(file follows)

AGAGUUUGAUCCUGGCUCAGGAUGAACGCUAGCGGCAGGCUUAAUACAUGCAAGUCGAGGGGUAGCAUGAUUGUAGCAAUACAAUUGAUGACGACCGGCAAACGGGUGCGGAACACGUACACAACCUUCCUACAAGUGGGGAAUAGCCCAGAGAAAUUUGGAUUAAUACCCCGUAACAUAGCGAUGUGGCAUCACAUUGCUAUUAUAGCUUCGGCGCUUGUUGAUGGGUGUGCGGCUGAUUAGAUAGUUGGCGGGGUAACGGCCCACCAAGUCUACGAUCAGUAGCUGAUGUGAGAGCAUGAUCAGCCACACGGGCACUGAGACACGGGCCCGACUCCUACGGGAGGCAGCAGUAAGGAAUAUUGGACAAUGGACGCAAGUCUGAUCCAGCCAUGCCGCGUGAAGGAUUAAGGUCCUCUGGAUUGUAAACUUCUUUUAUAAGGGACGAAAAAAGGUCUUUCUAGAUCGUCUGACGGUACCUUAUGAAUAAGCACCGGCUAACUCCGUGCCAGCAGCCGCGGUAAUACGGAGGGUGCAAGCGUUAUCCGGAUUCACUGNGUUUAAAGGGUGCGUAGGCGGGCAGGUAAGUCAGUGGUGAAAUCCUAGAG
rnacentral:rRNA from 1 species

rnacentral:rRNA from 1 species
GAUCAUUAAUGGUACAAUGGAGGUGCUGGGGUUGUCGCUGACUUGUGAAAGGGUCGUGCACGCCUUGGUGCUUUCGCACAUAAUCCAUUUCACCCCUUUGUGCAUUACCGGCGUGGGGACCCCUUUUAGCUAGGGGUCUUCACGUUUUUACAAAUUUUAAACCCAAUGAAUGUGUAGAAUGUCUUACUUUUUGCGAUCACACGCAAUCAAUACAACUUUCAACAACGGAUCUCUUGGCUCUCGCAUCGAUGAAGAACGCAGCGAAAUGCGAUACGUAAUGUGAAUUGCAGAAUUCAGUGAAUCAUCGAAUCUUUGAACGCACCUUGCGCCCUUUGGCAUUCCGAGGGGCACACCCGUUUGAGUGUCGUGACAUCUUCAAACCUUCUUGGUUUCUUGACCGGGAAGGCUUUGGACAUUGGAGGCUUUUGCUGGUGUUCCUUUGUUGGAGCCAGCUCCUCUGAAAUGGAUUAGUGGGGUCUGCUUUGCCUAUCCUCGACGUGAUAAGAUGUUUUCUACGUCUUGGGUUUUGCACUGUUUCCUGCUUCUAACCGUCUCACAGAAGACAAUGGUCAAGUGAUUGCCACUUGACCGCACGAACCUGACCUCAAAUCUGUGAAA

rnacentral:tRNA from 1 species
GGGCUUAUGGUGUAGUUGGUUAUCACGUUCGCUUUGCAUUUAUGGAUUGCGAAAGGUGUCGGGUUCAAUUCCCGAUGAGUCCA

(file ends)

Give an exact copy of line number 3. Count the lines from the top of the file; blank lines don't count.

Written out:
rnacentral:rRNA from 1 species